Launched systems, falling into this category include “true” high-precision 155-mm projectiles, for example EXCALIBUR from Raytheon / BAE Systems Bofors, VULCANO from OTO Melara / Diehl Defense and MS-SGP (Multi Service-Standard Guided Projectile) from BAE Systems, although they should also receive the optional semi-active laser guidance system SAL (Semi-Active Laser), which partly changes the situation. Orbital ATK, Precision Guidance Kit (PGK) fuses with trajectory correction, BAE Systems SILVER BULLET, Israel Aerospace Industries (IAI) Top Gun, and possibly the recently introduced AcuFuze from Denel Dynamics, also require a very accurate TCM method. Unguided rockets and guided missiles with the same stringent requirements for TCM include such systems as, for example, the new two-stage A300 rocket with 300 km range from the Chinese company CASC, the LORA rocket from the Israeli IAI, the ACCULAR system and EXTRA from the Israel Military Industries (IMI) and M30 GMLRS (Guided-MLRS) and Lockheed Martin ATACMS guided missiles.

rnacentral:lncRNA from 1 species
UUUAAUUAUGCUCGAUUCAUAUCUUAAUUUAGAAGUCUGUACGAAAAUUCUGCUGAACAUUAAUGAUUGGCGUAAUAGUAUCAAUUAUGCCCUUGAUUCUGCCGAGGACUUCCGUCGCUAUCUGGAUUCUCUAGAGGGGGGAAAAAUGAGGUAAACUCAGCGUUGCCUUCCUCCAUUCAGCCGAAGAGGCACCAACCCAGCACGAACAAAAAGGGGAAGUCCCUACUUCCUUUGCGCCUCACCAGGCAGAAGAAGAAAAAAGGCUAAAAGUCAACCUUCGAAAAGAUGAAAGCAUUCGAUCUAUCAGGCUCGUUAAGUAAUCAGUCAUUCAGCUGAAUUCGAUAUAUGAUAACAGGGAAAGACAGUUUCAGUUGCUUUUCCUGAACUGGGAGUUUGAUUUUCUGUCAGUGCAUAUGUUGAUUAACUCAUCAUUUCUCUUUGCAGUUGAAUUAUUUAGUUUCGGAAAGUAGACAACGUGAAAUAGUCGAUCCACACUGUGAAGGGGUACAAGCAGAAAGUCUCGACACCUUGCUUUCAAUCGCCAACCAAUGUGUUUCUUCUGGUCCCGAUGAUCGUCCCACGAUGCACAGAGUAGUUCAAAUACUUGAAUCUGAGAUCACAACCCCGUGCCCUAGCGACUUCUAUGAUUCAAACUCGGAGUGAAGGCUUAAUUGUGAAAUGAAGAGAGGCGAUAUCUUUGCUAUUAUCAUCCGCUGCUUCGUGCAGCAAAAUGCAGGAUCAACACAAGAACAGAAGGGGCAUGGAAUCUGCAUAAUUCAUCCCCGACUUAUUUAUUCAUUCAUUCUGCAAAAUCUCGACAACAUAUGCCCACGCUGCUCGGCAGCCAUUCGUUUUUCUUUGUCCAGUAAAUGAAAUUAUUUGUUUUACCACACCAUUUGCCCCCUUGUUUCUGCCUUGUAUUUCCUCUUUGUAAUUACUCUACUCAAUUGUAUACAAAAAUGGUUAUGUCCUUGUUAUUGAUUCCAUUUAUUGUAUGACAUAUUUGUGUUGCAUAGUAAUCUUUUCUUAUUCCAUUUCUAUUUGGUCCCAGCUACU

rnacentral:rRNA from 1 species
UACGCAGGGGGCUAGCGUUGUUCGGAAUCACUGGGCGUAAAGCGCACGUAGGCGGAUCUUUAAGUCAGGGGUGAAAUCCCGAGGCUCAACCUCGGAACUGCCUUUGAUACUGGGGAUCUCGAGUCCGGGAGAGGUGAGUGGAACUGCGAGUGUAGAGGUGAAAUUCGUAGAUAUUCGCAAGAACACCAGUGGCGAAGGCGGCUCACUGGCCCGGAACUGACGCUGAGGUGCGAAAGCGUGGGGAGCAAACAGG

Orbital ATK Precision Guidance Kit (PGK) Precision Guidance Kit
TopGun precision guidance kit from Israel Aerospace Industries
Problem of determining the coordinates of the targets solved?
Probably, the exact location of the firing unit (platform) is less important, since GPS / INS-controlled ammunition can correct errors associated with this. However, for the simplest systems, such as the SPACIDO fuse with Nexter / Junghans projectile course correction and the IMI missile Trajectory Correction System (TCS) system, accurate positioning of the firing unit remains important because these devices do not have their own means of determining their own coordinates. Fortunately, this can for the most part be considered a solved problem due to location and orientation systems integrated into the launch platforms themselves.